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Look inside not-so-spooky skeletons

This article first appeared in the 10/25/19 edition of the Davis Enterprise.

Look inside not-so-spooky skeletons

Human Skeleton on Exhibit at the Museum of Osteology, Oklahoma City, Oklahoma. Photo by Sklmsta courtesy of Wikimedia Commons.

Look inside not-so- spooky skeletons


By Sara Thompson

Special to the Enterprise



Skeletons are a common sight this time of year as they are a popular Halloween decoration so make one’s yard a little spookier.  Although associated with death, a skeleton is essential for life of those that have them.  Without a skeleton, most vertebrates would not have any structure to move or to protect their organs.


Vertebrate skeletons are primarily made up of bone, with cartilage helping in the joints between bones.  Both are special types of connective tissues, that are both stiff and strong, but also light weight.  Bones are made up of hydroxyapatite, a mineral that is composed primarily of calcium, oxygen, phosphorus, and hydrogen, and chondroitin sulfate, which is a material made up of chains of alternating sugars.  Cartilage is made up of chondrocytes, which are a specialized cell that produces a large amount of collagen matrix for its structure.  Calcium helps with keeping both of these materials healthy and functional.


A skeleton’s main function is support for the body and movement.  Bones allow anchor points for muscles to help the organism stand and supports itself and move body parts.  After factoring in muscle and other tissues, a body can be fairly heavy, which having light weight, but strong bones are essential to keeping overall weight to a minimum.  Joints in the skeleton allow easier pivoting and overall movement to the large bodies of vertebrate animals.  Without bones, limbs would not function nearly as well, nor have the support to bear as much weight.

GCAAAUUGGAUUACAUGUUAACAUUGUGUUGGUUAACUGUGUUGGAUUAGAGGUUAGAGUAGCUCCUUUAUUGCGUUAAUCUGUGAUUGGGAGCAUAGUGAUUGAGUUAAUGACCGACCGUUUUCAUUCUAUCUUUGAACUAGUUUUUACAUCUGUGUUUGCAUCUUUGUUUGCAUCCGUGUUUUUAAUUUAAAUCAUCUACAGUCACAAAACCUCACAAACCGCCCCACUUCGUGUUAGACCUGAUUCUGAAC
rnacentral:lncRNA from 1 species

Skeletons also help with protecting vital organs.  Skulls house the brain, but it also protects it.  The skull also supports the structures responsible for our sight, hearing, speech, etc.  The spinal column not only a support structure, but it protects the spinal cord which is vital to internal communication to and from the brain.  The spine also helps support the rib cage, by allowing an anchor for ribs and the muscle surrounding it.  The rib cage also helps in protecting all the organs within it, such as the heart and lungs.  Mammals use the pelvic bones to help with growing and bearing live young.


Most skeletons follow a general structure.  Skull, spine, and ribs are in the same order and same general association with each other.  Organisms with limbs have similar shoulder and pelvic structures, as well as the many of the same bones in the limbs.  Every animal will have their own skeletal specialization, such as snakes have a longer spine and more ribs to help with their structure and movement.  Whales have fused the vertebrae in their necks to help with swimming in their marine habitats, as well as a modified pelvic region to accommodate a larger tail in use of locomotion while reducing the need for hind limbs.


Explorit has a variety of preserved animal and animal skeletons guests can look at during our school programs or our public hours (more information is at  Get even more up close and personal with skeletons and skulls during our Spooky Science Night on Saturday, October 26 from 5-9pm.  All ages welcome, cost is $7 for general admission, $6 for Explorit Members, children 2 and under free.  Receive $1 off admission if wearing a family appropriate costume.




Explorit's coming events:



  • Explorit’s Nature Bowl team is now enrolling for the school year.  This is an afterschool science team from students grades 3-6.  Call (530) 756-0191 to register.  The $25 fee covers weekly meetings and a t-shirt.


  • Become a member of Explorit.  For more information or to purchase or renew your membership or call Explorit at 530-756-0191.  Membership prices increase January 1, 2020.
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